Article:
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Chef Joan Roca on His Culinary Opera Somni and Taking it Around the World

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 Jordi and Joan Roca
Jordi and Joan Roca
Photo: El Somni

Chef Joan Roca of the three-Michelin-star El Celler de Can Roca (currently ranked #2 on the World's 50 Best List) has been developing El Somni, a culinary opera, with his brothers Jordi and Josep and the video artist Franc Aleu. The project consists of twelve acts accompanied by twelve courses of food. The piece contains musical robots, state-of-the-art animation, and the contributions of major players in the worlds of art, music, and food. In keeping with its twelve acts and twelve courses, only twelve diners will be able to experience the cross-media event when it debuts in Barcelona at the beginning of May. In the following interview, Roca talks about the opera, the idea that he doesn't consider himself an artist and doesn't want to come off as pretentious, and how El Somni will make stops around the world.

How did the Somni idea come about?
It started in 2006, when we got to know Franc Aleu, the video artist who also has connections to the world of opera. We worked on a project commissioned by Pioneer that consisted of video art and food, which was fun and surprisingly enriching. We saw that there was potential to the relationship, so we kept in touch. Gradually, we figured out how to develop that relationship and come up with a formula for this project, which consists of music, art, and video.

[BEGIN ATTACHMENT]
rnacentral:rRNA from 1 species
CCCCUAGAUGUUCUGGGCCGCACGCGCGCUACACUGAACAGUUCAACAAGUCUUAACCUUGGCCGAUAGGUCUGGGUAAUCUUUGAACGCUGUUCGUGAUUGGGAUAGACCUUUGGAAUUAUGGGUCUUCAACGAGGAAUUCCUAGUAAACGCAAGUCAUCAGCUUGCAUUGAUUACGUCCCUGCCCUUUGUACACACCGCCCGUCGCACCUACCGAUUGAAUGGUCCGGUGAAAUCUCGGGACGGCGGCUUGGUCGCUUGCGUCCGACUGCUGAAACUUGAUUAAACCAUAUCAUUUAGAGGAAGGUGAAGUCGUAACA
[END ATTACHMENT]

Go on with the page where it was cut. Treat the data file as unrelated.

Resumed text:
Tell me about how the dinner/opera is structured.
There are twelve acts that tell a story, an oneiric story. Each act has a different piece of music composed by a different person from the world of opera. That accompanies a set of images, of video, that are actually developed in a workshop next to the restaurant here in Girona. It's kind of like Avatar [laughs]. But really, they're coming up with a story — a dream — where this young girl visits the moon, then falls to the sea, etc. For the moon portion, Jordi and I have made a dish that resembles the moon, and for the part when she falls to the sea, the guests will eat seafood. Those connections exist throughout the experience, sometimes in less literal ways.

The goal is to make the diner feel like they are on stage, not in the audience. They are immersed in it and not just watching.

Who comes up with the story? Do the dishes get developed after the acts are written, or is it more flexible?
It starts with the story, and then we work from that. In some cases, though, the story has changed and been adapted to the dish. It's been a really interactive process, since the cooks and the screenwriter has worked to come up with the story to make sure that everything meshes and compliments each other. The video, the music, the games enhance the food, and vice versa. It makes everything have more emotional impact, ideally.

Do you think this is food, art, or something else?
I wouldn't so pretentious as to say that it's art or something even greater than that! I think it's just gastronomy in dialogue with other art forms. It's an experiment, a dialogue between gastronomy and opera, which already has several disciplines packed into it. But I wouldn't say it's anything more than a dialogue and an exploration. We're not trying to change the world or even the course of gastronomy. It is fun and valuable to explore limits and see what we can learn from this. I don't think anything bad can come from this exchange. We want to do it with the utmost respect for these arts.